I am a big believer in a free market and capitalism. Competition does not bother me, it only makes me have to be a better businessman if I want to survive. If you are good enough and people value your sevices, you'll stay in buisness just fine.

MacLawnCo
10-25-2003, 05:32 PM
Southpaw, im not even gona bother with you. Please put me on your ignore list, i have done likewise.

MacLawnCo
10-25-2003, 05:34 PM
Originally posted by Mikes Lawn Landscape
MacLawn I assumed you were getting a Horticulture Degree I meant no disrespect.

Mike, i know, i was just being my usual sarcastic self. I think accounting will work well, dont you?

Mikes Lawn Landscape
10-26-2003, 05:34 AM
Originally posted by MacLawnCo
Mike, i know, i was just being my usual sarcastic self. I think accounting will work well, dont you?

Well that depends if you really don't want any advise STOP READING NOW.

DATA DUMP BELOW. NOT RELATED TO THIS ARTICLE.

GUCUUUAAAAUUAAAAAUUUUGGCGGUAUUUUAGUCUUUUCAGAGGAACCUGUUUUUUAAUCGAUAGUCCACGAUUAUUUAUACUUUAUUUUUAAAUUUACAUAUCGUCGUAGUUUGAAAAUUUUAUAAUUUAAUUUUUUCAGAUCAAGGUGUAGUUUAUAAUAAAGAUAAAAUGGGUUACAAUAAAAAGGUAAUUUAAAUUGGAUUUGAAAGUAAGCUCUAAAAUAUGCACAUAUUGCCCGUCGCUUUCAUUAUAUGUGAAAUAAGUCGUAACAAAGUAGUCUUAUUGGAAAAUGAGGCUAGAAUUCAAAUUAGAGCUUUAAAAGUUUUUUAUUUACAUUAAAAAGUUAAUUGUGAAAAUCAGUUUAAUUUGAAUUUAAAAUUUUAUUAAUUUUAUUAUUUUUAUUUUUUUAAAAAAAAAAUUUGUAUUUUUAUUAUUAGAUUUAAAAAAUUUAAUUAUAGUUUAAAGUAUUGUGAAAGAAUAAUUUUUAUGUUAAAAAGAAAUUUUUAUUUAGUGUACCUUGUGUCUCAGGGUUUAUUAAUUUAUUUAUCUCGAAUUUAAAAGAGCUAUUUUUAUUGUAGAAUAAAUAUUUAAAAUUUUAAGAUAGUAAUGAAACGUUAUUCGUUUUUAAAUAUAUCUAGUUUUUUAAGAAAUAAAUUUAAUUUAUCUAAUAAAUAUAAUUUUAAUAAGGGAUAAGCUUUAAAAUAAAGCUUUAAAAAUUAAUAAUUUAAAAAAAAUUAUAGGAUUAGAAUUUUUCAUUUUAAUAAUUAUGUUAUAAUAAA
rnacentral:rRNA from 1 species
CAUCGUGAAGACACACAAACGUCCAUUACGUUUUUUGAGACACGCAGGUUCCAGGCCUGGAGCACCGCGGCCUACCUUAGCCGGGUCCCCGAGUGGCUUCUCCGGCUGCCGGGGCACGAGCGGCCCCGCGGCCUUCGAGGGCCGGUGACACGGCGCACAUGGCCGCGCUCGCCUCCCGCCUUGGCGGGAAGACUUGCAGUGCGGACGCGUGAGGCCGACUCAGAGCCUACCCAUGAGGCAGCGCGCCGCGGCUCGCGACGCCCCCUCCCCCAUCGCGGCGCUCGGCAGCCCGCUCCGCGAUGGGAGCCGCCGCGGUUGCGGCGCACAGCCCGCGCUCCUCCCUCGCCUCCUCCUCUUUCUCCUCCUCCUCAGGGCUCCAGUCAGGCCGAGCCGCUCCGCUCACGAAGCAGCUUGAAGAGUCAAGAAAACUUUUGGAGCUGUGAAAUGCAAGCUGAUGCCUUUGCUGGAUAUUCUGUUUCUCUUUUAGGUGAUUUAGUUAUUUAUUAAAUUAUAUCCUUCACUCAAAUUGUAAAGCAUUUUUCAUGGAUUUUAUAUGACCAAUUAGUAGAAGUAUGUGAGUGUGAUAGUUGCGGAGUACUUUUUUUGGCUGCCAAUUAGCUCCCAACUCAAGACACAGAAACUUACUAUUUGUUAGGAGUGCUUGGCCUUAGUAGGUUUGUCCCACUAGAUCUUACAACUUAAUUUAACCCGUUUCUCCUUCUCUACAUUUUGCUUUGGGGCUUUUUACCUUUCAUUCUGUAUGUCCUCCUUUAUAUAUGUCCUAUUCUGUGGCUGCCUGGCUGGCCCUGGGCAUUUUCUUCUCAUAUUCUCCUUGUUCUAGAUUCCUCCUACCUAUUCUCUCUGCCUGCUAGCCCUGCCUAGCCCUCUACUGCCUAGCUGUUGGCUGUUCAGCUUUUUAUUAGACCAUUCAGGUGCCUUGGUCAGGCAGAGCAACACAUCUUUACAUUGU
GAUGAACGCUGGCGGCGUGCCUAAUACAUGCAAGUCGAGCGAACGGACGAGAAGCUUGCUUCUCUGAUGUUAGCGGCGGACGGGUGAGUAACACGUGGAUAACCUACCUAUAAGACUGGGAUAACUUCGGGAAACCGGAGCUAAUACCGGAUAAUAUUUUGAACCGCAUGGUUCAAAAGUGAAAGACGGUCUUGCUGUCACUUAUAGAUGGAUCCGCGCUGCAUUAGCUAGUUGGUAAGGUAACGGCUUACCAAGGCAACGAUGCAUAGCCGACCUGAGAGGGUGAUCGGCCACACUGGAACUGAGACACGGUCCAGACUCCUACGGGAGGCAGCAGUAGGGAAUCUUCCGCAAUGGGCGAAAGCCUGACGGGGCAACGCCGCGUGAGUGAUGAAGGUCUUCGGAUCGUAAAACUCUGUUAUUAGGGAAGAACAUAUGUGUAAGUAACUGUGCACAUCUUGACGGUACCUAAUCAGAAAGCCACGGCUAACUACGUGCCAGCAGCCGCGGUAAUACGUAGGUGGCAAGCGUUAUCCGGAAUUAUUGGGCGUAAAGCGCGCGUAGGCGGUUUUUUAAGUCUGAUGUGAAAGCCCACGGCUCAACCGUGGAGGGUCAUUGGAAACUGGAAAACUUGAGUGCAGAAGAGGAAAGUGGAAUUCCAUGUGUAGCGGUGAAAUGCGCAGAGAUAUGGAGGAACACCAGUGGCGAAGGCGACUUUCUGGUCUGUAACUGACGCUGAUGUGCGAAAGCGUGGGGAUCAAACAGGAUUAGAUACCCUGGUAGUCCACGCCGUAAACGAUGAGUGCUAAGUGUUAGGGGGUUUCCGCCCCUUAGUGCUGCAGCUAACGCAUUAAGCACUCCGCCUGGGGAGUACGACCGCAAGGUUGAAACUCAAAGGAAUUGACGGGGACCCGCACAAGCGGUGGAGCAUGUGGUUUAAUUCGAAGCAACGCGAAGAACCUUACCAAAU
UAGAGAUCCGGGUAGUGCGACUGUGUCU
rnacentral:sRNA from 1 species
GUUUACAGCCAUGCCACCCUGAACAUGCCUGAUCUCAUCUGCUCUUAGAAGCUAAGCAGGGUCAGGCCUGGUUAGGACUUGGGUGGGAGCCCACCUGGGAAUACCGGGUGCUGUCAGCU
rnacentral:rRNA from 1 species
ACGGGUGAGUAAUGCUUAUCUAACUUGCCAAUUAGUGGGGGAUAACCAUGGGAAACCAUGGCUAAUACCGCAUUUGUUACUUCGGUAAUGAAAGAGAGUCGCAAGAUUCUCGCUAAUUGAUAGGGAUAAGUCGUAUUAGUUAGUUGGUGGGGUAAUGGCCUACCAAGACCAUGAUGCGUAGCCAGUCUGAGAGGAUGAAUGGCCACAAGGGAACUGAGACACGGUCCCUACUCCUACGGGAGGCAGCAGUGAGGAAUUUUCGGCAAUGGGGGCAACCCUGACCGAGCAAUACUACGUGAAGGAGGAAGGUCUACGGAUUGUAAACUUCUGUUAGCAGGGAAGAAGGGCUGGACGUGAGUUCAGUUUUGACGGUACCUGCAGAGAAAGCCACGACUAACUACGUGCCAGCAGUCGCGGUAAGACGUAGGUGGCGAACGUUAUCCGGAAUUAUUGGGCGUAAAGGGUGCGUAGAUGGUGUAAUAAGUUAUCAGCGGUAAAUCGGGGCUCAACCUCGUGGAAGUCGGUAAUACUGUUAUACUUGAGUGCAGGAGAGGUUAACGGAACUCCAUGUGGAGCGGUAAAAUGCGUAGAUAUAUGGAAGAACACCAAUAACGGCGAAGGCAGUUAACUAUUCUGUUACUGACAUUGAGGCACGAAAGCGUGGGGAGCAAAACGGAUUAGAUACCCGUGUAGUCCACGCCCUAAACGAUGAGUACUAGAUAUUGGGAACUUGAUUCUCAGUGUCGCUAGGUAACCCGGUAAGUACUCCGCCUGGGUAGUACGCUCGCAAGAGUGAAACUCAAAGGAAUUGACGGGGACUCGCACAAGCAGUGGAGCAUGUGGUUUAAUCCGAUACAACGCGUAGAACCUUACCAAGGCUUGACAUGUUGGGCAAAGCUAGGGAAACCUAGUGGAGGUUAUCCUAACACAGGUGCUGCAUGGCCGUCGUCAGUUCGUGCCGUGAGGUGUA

1. If you are getting an accounting degree to be an accountant then thats great
2. If you are wanting a degree that will help you in your Lawn Service business an accounting degree would not be the most appropriate.
3. An acounting degree is a professional degree similar to a law degree it is intense and very demanding. When you finish you will know how to do accounting thats it.
4. For a more well rounded degree that will help you in your business (After reading some of your post I get the impression lawn care is your chosen field) I would get a business degree with a minor in MARKETING.
5. Or a Turf Management Degree
6. But hey I'm old and new to lawn care so my advise is probably not worth the bandwidth its taking up.

David Haggerty
10-26-2003, 06:38 AM
Originally posted by MacLawnCo
It has to do with establishing a barier to entry.


This is an old thread, but since it's back to the top anyway I'll add my 2 cents worth.

MacLawn;
I discovered I had a similar attitude/opinion 15 years ago.